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Development Milestones: Age 16 Months

See which milestones your baby should be reaching by 16 months, like walking and relaxing her grip on objects.

Wed, 22 Aug 2012|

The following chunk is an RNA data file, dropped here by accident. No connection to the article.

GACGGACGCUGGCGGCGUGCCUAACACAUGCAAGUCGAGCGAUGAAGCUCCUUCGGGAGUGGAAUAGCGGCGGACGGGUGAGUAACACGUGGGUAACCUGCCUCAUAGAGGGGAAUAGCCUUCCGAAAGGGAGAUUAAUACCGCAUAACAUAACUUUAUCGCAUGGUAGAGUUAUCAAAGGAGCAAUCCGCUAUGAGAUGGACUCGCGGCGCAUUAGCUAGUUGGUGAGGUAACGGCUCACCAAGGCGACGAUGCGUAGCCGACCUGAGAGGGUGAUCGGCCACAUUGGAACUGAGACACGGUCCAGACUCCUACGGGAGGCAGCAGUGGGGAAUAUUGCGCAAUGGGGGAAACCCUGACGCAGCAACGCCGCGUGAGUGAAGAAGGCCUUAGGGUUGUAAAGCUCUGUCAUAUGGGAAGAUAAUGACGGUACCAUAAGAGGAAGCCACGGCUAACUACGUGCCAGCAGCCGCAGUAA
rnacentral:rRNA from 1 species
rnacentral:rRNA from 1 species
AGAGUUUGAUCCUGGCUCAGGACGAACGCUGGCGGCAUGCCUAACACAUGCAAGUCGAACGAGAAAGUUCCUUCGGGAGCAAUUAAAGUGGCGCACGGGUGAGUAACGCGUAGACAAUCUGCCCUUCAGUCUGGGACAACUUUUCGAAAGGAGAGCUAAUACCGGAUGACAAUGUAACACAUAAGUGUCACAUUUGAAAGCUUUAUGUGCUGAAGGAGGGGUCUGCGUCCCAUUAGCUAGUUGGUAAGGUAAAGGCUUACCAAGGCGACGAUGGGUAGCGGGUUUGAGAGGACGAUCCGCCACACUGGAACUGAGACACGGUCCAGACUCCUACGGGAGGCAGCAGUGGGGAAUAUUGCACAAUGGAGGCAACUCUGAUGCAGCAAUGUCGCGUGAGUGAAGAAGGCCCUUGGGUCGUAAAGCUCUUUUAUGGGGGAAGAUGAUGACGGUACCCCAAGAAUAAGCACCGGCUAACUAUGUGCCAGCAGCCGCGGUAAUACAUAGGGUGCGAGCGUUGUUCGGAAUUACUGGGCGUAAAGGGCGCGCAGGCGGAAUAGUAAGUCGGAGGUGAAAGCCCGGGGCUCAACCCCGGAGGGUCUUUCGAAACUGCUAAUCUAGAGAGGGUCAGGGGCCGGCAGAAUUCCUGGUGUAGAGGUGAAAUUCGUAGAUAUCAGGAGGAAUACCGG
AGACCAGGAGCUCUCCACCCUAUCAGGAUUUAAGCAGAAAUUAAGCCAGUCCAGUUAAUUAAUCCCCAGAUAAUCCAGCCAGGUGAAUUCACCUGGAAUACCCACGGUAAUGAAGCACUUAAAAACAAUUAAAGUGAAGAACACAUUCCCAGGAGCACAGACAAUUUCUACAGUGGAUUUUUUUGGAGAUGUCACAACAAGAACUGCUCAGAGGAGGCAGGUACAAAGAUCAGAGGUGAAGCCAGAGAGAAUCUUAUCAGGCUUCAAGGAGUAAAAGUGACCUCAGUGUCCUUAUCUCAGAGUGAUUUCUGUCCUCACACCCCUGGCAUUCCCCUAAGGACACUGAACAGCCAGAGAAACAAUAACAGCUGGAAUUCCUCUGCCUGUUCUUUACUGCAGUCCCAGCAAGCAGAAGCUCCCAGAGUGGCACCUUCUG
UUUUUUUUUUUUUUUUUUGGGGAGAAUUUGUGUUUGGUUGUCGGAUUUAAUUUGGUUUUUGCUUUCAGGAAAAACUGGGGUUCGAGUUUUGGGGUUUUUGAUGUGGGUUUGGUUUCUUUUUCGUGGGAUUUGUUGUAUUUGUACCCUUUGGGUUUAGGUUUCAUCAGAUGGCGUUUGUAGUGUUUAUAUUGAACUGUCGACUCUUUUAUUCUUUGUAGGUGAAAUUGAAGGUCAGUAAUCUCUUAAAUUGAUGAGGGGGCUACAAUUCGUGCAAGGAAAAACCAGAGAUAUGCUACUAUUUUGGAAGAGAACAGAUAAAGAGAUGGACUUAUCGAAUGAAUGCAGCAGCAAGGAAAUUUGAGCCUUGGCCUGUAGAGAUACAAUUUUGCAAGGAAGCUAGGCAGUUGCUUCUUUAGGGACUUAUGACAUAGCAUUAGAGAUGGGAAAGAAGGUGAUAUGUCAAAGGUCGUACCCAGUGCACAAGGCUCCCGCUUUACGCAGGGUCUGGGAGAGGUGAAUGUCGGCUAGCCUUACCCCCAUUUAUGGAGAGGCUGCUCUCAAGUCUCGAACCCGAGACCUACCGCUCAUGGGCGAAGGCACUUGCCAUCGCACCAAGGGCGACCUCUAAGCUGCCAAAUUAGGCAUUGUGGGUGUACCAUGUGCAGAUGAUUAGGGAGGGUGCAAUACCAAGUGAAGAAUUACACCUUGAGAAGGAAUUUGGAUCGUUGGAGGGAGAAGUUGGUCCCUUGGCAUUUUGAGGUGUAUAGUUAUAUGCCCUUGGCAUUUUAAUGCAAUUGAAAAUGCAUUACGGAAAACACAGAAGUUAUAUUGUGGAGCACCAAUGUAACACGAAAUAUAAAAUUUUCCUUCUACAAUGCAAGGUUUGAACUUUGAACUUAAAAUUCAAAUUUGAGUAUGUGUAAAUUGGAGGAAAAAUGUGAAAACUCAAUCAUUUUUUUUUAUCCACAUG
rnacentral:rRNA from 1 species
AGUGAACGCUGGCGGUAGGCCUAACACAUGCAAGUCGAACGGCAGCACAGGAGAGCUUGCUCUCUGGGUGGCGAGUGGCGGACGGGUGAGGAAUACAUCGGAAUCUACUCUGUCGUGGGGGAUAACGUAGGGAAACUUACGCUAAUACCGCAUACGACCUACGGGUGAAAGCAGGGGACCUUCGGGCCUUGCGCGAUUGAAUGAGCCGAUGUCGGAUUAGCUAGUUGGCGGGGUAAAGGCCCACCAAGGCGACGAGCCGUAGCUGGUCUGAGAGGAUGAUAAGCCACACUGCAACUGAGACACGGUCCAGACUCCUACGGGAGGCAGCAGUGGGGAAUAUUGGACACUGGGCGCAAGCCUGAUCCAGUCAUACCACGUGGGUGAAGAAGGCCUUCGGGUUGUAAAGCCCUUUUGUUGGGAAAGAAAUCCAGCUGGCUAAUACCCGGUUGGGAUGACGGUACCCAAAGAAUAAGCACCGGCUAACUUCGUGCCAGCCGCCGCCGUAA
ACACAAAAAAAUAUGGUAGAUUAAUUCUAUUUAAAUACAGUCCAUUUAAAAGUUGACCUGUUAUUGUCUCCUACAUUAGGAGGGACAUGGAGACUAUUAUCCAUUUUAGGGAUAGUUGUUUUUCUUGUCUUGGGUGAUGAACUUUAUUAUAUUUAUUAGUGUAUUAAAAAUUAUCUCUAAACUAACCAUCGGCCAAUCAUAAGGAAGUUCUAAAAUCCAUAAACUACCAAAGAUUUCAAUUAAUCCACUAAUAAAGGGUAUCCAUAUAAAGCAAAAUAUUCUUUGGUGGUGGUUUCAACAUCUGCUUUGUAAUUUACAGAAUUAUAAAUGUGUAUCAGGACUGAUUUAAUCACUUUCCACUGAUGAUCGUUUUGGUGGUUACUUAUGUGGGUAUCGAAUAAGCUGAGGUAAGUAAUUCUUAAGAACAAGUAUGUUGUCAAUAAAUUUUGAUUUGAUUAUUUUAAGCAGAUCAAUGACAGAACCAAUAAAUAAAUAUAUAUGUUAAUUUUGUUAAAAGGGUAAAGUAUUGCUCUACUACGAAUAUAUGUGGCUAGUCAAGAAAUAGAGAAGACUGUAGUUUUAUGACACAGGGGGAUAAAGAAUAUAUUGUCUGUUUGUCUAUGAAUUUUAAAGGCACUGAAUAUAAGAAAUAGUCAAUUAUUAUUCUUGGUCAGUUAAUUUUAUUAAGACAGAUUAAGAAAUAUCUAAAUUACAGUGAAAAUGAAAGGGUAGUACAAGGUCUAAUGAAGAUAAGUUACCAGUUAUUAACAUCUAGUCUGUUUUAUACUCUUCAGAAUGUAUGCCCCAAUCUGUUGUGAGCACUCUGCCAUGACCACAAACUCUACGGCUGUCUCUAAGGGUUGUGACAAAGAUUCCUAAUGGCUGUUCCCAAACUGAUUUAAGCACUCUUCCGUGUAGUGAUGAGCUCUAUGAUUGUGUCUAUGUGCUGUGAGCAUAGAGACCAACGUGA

-Mia is now 16 months old and she's become very mobile. When we compare Mia's abilities to those of a 12-month old child, we see that Mia's physical development is more advanced. At 16 months, Mia can stand and walk by herself, but she's a little unsteady and walks using high steps. When she's excited and tries to run, she'll sometimes fall. She'll walk more and more steadily as the months go by. Many children will be able to walk without support when they are 14 to 15 months old. Mia can also carry a toy when she walks. She now stands and sits back down without assistance, and she can crawl up steps. At this age group, children are very curious about their surroundings, and will want to move around quite a bit. There's always something new to investigate. You want to make sure that her environment is safe for her. This means putting a gate by the stairs, covering up electrical outlets, or child proofing drawers. Let's watch Mia as she plays with her toys. She's using her fingers more skillfully than a child who is 12 months old. When she plays with blocks, she can now build a tower, 3 blocks tall. She can now relax her grip on objects. A skill that is difficult for younger children. She can also now give an object to another person. That skill develops around 15 months. Unlike the first 12 months where children use their mouths to investigate objects, in the second year, the hands become the tools for exploring. Mia likes to use her fingers. Toys that have intricate features like shape sorting boxes are lots of fun. While Mia now has the ability to give a toy to you, it doesn't mean that she'll always do what you want. Now that she's reached this age, she's developed a mind of her own and she'll demonstrate it often. She is now making the decisions. Mia likes playing with dolls. When she plays, whether it's with a doll or another toy, like a cup, she'll imitate familiar situations. These preliminary role games will become more and more important in her immediate future. Mia likes to be with other children but she may not interact with them. Here, she's playing with a toy by herself while another child is beside her. This is normal at this age.